“As a child I was brought up in what appeared to me to be ‘a normal upbringing’. Around 4 am, I would sit with my father and learn about Indian rhythms and their divine source i.e. Lord Shiva, Lord Ganesha, Lord Krishna, Goddess Saraswati and more. At 6.30 am, I would go to the madrasa and learn to recite and memorise the Quran Sharif and at 8 am, I would walk across the street to St. Michael’s church, sing the hymns and then march to my classroom. I did not see any difference in these apparently different beliefs. It is this childhood memory that inspired me to write Ameen, Amen, Shanti. I fantasised about the possibility that in this day and age, there may be leaders of these varied beliefs who would take the same journey as I did every morning and come to the same conclusion that I did.” – Zakir Hussain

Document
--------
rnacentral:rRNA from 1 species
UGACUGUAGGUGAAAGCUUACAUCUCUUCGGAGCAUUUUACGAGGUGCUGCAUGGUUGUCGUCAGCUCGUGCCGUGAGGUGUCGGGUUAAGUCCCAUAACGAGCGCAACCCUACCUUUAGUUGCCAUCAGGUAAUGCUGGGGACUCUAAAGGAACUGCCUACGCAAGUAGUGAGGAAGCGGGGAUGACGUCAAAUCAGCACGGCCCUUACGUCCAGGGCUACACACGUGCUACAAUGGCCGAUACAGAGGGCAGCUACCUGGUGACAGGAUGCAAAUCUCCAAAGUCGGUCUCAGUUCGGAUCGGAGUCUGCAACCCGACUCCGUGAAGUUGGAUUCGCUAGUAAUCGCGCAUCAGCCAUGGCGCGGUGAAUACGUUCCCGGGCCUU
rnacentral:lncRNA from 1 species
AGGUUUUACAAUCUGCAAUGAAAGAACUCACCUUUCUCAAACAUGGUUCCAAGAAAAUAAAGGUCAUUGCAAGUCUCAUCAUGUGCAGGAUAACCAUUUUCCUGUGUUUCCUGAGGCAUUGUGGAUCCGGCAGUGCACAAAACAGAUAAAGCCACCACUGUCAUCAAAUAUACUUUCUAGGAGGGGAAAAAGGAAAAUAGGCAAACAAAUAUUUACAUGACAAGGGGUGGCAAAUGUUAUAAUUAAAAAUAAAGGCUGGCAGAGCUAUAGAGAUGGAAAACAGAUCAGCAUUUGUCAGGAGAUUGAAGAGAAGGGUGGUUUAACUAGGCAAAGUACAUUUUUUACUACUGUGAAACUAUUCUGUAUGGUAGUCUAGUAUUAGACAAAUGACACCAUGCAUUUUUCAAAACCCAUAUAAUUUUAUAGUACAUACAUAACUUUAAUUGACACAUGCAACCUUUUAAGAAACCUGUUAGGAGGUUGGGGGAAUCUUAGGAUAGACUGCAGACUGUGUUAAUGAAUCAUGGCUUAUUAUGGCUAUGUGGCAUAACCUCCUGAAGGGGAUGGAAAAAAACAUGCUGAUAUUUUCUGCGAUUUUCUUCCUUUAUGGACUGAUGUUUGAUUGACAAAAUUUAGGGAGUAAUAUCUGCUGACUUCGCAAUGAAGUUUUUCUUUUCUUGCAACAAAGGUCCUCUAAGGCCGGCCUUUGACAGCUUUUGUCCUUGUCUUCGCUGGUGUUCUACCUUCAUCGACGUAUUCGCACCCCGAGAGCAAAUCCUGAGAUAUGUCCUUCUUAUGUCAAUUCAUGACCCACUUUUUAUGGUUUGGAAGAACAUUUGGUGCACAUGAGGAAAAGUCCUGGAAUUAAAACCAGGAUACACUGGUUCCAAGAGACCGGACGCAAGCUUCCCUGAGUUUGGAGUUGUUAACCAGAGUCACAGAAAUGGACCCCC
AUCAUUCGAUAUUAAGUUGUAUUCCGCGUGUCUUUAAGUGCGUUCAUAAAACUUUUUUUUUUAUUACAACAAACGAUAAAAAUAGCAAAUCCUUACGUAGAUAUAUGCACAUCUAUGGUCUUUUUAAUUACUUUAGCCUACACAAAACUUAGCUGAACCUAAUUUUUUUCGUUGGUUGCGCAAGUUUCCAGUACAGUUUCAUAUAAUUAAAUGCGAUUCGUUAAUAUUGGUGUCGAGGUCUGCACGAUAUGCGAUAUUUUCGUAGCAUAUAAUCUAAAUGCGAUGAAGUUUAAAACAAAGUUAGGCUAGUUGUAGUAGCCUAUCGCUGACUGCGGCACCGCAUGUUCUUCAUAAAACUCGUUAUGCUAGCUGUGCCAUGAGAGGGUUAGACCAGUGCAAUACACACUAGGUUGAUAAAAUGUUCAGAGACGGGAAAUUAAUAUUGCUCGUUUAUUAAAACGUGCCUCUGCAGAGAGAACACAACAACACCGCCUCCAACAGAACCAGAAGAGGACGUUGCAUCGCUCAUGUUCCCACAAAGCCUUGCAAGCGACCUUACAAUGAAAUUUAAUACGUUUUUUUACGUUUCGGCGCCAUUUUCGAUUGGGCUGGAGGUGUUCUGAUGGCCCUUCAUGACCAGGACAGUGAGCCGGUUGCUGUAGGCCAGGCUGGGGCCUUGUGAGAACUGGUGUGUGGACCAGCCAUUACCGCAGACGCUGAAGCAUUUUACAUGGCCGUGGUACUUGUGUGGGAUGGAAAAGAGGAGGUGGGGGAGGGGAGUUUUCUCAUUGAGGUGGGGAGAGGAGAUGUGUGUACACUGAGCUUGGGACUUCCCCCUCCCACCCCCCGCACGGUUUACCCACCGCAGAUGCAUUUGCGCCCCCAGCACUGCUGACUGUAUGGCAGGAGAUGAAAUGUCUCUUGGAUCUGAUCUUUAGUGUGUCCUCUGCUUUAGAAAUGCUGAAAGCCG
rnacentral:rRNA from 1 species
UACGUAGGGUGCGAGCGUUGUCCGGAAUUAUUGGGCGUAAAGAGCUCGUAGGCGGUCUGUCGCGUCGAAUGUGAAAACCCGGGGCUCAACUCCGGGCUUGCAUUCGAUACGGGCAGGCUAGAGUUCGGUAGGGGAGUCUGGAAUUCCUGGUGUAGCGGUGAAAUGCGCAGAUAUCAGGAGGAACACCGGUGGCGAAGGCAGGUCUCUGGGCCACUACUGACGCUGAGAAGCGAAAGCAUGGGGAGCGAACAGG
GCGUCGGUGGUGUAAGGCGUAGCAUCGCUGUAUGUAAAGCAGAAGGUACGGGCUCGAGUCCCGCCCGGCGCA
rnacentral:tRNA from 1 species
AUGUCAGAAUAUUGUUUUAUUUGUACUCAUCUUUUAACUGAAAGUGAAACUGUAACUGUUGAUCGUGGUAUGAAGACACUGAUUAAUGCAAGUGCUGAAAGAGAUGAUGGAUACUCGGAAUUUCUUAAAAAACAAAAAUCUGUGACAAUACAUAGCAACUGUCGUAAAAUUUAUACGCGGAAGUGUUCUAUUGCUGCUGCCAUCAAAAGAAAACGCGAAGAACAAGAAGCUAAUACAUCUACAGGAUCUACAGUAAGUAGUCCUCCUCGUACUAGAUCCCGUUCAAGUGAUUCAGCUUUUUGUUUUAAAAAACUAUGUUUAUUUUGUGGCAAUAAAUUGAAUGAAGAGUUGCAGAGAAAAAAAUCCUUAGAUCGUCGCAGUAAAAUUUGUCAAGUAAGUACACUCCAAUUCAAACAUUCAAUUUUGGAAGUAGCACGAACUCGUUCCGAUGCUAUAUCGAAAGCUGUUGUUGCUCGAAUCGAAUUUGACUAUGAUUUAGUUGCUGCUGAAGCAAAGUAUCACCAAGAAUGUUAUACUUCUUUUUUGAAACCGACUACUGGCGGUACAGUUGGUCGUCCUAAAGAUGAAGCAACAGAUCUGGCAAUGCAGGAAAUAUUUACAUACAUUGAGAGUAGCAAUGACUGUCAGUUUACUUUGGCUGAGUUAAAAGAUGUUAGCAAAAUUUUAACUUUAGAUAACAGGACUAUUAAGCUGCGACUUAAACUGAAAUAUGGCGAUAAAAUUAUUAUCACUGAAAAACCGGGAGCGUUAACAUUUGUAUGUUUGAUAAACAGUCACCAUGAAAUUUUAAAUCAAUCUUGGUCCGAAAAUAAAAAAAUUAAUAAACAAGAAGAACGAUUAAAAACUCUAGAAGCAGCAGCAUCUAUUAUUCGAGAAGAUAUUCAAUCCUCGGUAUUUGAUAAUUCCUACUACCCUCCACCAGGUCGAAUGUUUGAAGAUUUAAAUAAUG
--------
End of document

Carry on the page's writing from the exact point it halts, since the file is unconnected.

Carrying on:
Whether priest, monk, temple, mosque or church, state, politburo, human rights, freedom of expression or individuality, it is not inconsequential that both Hussain and Shostakovich write to a broader message – one of freedom. Freedom to live, create, prosper and enjoy the richness of life according to one’s own heart. And that the words we know so well from Anton Schiller’s An die Freude or Ode to Joy might inspire us once more, the way they did Beethoven: “Be embraced, millions, this kiss to the entire world, brothers, above the starry canopy a loving father must reside. He who would be a friend to a friend, or call another soul his own – is truly blest.
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